Zoran Skoda
Galilean structure

A Galilean structure is a 5-tuple G=( 4, 4,μ,t,(,))G = (\mathcal{B}^4, \mathbb{R}^4, \mu, t, (,)) where ( 4, 4,μ)(\mathcal{B}^4, \mathbb{R}^4, \mu) is a 4-dimensional affine space, t: 4t : \mathbb{R}^4 \rightarrow \mathbb{R} is a nonzero \mathbb{R}-linear map and (,):kert×kert 0(,) : ker\, t \times ker\,t \rightarrow \mathbb{R}_{\geq 0} is a real inner product on 3-dimensional \mathbb{R}-vector space kertker\,t.

The elements of 4\mathcal{B}^4 will be called events. For any two events aa and bb we define the time interval between them to be t(ba)t(b - a). If the time interval between events aa and aa' is 00 then we say that aa and aa' are simultaneous events. Fix an event aa. The set a 3\mathcal{B}^3_a of all events which are simultaneous with aa is simply a+kerta + ker\,t. Action of 4\mathbb{R}^4 on 4\mathcal{B}^4 thus restricts to an action of kertker\,t on a 3\mathcal{B}^3_a which therefore becomes a 3-dimensional affine space.

If a,aa,a' are simultaneous events we can speak of the space distance between them. It is simply the length of the parallel displacement aaa' - a with respect to the norm induced by inner product on kertker\,t:

(1)d 3(a,a)=aa=(aa,aa). d_3(a,a') = \| a' - a \| = \sqrt{(a' - a, a' - a)}.

However there is no natural choice of space distance between the events which are not simultaneous. We can not even say for two such events if they took place at the same point. Indeed, imagine that we define such a notion. Then the naturality would mean that that notion is determined solely in terms of Galilean structure. In other words it should be preserved by the maps between Galilean structure which preserve it in the following sense.

A map A: 4 4A : \mathcal{B}^4 \rightarrow \mathcal{B}^4 is called a Galilean transformation if it preserves the Galilean structure. More precisely, AA is an affine map such that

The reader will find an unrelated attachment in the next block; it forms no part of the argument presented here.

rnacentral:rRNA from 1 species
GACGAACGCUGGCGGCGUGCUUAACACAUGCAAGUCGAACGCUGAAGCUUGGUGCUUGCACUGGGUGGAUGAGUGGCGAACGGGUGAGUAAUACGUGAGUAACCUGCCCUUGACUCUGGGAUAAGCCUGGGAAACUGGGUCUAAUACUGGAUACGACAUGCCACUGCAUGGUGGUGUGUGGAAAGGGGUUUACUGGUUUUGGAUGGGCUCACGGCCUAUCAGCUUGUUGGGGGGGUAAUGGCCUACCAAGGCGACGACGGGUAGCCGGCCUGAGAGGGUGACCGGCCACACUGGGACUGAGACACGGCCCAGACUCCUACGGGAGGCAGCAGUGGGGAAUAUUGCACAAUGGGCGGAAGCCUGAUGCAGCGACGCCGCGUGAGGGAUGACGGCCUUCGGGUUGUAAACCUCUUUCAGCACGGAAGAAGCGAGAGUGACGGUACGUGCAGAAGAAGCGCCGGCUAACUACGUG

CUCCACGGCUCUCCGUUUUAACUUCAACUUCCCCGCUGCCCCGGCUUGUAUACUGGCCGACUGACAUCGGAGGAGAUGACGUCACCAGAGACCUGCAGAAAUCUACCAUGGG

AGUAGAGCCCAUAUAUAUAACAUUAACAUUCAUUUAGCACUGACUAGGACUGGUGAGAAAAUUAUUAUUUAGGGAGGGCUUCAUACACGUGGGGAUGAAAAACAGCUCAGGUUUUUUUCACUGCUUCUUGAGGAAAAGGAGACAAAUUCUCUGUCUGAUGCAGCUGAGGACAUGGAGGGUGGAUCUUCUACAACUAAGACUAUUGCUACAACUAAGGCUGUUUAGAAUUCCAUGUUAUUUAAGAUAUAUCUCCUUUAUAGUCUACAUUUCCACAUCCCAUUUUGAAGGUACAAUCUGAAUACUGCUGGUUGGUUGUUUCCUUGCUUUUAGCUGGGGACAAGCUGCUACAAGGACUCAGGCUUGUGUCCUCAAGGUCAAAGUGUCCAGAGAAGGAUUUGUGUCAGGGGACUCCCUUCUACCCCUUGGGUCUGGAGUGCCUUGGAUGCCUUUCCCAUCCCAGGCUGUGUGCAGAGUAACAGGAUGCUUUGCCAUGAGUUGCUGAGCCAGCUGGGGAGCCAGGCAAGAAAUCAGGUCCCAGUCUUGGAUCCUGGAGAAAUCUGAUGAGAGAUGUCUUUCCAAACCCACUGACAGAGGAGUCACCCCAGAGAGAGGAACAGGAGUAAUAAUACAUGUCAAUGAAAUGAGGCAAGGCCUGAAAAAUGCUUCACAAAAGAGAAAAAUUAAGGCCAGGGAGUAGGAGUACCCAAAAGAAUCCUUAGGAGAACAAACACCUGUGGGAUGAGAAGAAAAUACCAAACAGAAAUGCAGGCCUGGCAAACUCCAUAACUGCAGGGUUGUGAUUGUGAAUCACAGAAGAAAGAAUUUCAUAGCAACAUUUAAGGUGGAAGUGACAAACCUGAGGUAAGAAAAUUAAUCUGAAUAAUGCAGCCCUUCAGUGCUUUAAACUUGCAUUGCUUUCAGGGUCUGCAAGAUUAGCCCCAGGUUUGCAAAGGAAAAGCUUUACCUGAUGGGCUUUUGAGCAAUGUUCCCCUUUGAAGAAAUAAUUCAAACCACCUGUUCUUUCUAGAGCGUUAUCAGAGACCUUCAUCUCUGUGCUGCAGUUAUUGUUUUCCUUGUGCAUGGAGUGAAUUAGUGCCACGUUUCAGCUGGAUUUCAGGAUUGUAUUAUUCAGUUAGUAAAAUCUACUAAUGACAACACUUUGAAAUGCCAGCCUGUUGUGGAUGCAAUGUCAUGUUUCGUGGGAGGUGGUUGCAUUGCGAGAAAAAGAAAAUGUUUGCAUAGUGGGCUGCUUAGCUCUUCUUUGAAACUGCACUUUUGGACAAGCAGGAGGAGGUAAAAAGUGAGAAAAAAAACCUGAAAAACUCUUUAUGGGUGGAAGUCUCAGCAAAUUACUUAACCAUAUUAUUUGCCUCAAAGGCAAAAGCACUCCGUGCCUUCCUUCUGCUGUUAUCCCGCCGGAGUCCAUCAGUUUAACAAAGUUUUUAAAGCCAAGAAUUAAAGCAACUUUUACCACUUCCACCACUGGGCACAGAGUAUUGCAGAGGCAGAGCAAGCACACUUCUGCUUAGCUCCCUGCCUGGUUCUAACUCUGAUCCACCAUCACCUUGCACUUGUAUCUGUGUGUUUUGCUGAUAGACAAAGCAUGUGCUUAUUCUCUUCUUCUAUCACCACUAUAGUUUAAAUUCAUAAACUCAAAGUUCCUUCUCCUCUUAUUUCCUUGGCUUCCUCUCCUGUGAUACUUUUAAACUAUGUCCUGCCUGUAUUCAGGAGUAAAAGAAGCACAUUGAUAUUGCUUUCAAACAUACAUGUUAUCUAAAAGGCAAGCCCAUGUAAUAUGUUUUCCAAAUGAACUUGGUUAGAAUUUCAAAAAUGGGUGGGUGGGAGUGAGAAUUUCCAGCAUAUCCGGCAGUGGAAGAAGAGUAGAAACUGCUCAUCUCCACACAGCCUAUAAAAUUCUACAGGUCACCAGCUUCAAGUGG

(2)t(ba)=t(A(b)A(a)) t(b - a) = t(A(b) - A(a))

and (ba,ca)=(A(b)A(a),A(c)A(a))(b - a, c - a) = (A(b) - A(a), A(c) - A(a)) for any three events a,b,c 4a,b,c \in \mathcal{B}^4.

Definition. Let vkertv \in ker\,t. The uniform motion A v,aA_{v,a} with velocity vv cooccuring with event aa is the Galilean transformation given by

(3)calA v,a(a+w)=a+w+t(w)v. {\cal A}_{v,a}(a + w)= a + w + t(w)v\,.

The problem with non-simultaneous events above can now be restated as assertion that for any two non-simultaneous events a,b 4a,b \in \mathcal{B}^4 and any event bb' simultaneous with bb, the uniform motion A v,aA_{v,a} where v=bbt(ba)kertv = \frac{b' - b}{t(b-a)} \in ker\,t leaves aa intact and changes bb into bb'. Thus if aa and bb ‘took place’ at the same point by some magic definition, that notion will be ruined by the Galilean transformation mentioned.

Lemma. Let pqp \neq q be two points in some affine space \mathcal{B} over a division ring kk. The set

(4) 1(p,q)={p+α(qp)|αk} \mathcal{B}^1(p,q) = \{ p + \alpha (q-p) \,|\, \alpha \in k \}

has a natural structure of a left 1-dimensional kk-vector space and therefore also the natural structure of a 1-dimensional kk-affine space. The inclusion of sets ι: 1(p,q)\iota : \mathcal{B}^1(p,q) \rightarrow \mathcal{B} is an affine map.

Lemma. Let pp and qq be two non-simultaneous events in a Galilean structure G=( 4, 4,μ,t,(,))G = (\mathcal{B}^4, \mathbb{R}^4, \mu, t, (,)). Then for every point r 4r \in \mathcal{B}^4 there is exactly one point r 4r' \in \mathcal{B}^4 simultaneous with rr and belonging to 1(p,q)\mathcal{B}^1(p,q).

Created on July 13, 2009 at 20:40:32. See the history of this page for a list of all contributions to it.